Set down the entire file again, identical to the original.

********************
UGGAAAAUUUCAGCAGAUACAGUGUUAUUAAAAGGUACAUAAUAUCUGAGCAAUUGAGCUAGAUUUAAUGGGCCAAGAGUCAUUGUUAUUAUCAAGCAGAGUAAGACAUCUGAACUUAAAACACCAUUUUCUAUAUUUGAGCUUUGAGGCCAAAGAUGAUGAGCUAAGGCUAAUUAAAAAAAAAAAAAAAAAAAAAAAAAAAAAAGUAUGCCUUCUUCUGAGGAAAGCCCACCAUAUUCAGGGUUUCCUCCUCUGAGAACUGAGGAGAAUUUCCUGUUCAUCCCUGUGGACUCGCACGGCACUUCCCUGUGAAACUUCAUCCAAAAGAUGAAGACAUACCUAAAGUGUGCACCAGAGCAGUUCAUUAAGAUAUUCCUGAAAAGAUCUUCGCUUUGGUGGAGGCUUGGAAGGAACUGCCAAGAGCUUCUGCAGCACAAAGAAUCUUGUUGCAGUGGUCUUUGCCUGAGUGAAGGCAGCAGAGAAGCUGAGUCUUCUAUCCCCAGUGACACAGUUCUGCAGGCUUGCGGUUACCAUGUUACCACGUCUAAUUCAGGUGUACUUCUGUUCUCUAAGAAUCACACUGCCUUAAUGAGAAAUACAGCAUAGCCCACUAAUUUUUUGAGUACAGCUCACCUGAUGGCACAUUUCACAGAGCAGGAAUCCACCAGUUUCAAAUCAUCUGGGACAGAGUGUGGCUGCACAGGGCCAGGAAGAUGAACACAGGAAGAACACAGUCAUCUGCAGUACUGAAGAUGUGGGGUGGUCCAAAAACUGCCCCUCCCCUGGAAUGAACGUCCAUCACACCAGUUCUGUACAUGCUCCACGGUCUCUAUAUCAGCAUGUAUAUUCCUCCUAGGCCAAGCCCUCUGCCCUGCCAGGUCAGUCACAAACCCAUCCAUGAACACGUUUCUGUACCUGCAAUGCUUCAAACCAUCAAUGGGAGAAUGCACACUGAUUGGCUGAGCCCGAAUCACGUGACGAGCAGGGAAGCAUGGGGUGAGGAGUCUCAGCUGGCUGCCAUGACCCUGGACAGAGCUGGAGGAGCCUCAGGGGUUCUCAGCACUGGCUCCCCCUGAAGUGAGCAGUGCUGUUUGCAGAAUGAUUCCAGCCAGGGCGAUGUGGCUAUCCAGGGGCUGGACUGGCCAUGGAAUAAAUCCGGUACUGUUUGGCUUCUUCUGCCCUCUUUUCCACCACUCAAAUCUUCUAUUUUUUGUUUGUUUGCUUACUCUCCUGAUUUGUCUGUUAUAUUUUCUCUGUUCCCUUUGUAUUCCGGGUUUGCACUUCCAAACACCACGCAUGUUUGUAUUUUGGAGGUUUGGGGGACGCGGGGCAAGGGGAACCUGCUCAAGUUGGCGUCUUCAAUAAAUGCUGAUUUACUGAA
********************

UGGAAAAUUUCAGCAGAUACAGUGUUAUUAAAAGGUACAUAAUAUCUGAGCAAUUGAGCUAGAUUUAAUGGGCCAAGAGUCAUUGUUAUUAUCAAGCAGAGUAAGACAUCUGAACUUAAAACACCAUUUUCUAUAUUUGAGCUUUGAGGCCAAAGAUGAUGAGCUAAGGCUAAUUAAAAAAAAAAAAAAAAAAAAAAAAAAAAAAGUAUGCCUUCUUCUGAGGAAAGCCCACCAUAUUCAGGGUUUCCUCCUCUGAGAACUGAGGAGAAUUUCCUGUUCAUCCCUGUGGACUCGCACGGCACUUCCCUGUGAAACUUCAUCCAAAAGAUGAAGACAUACCUAAAGUGUGCACCAGAGCAGUUCAUUAAGAUAUUCCUGAAAAGAUCUUCGCUUUGGUGGAGGCUUGGAAGGAACUGCCAAGAGCUUCUGCAGCACAAAGAAUCUUGUUGCAGUGGUCUUUGCCUGAGUGAAGGCAGCAGAGAAGCUGAGUCUUCUAUCCCCAGUGACACAGUUCUGCAGGCUUGCGGUUACCAUGUUACCACGUCUAAUUCAGGUGUACUUCUGUUCUCUAAGAAUCACACUGCCUUAAUGAGAAAUACAGCAUAGCCCACUAAUUUUUUGAGUACAGCUCACCUGAUGGCACAUUUCACAGAGCAGGAAUCCACCAGUUUCAAAUCAUCUGGGACAGAGUGUGGCUGCACAGGGCCAGGAAGAUGAACACAGGAAGAACACAGUCAUCUGCAGUACUGAAGAUGUGGGGUGGUCCAAAAACUGCCCCUCCCCUGGAAUGAACGUCCAUCACACCAGUUCUGUACAUGCUCCACGGUCUCUAUAUCAGCAUGUAUAUUCCUCCUAGGCCAAGCCCUCUGCCCUGCCAGGUCAGUCACAAACCCAUCCAUGAACACGUUUCUGUACCUGCAAUGCUUCAAACCAUCAAUGGGAGAAUGCACACUGAUUGGCUGAGCCCGAAUCACGUGACGAGCAGGGAAGCAUGGGGUGAGGAGUCUCAGCUGGCUGCCAUGACCCUGGACAGAGCUGGAGGAGCCUCAGGGGUUCUCAGCACUGGCUCCCCCUGAAGUGAGCAGUGCUGUUUGCAGAAUGAUUCCAGCCAGGGCGAUGUGGCUAUCCAGGGGCUGGACUGGCCAUGGAAUAAAUCCGGUACUGUUUGGCUUCUUCUGCCCUCUUUUCCACCACUCAAAUCUUCUAUUUUUUGUUUGUUUGCUUACUCUCCUGAUUUGUCUGUUAUAUUUUCUCUGUUCCCUUUGUAUUCCGGGUUUGCACUUCCAAACACCACGCAUGUUUGUAUUUUGGAGGUUUGGGGGACGCGGGGCAAGGGGAACCUGCUCAAGUUGGCGUCUUCAAUAAAUGCUGAUUUACUGAA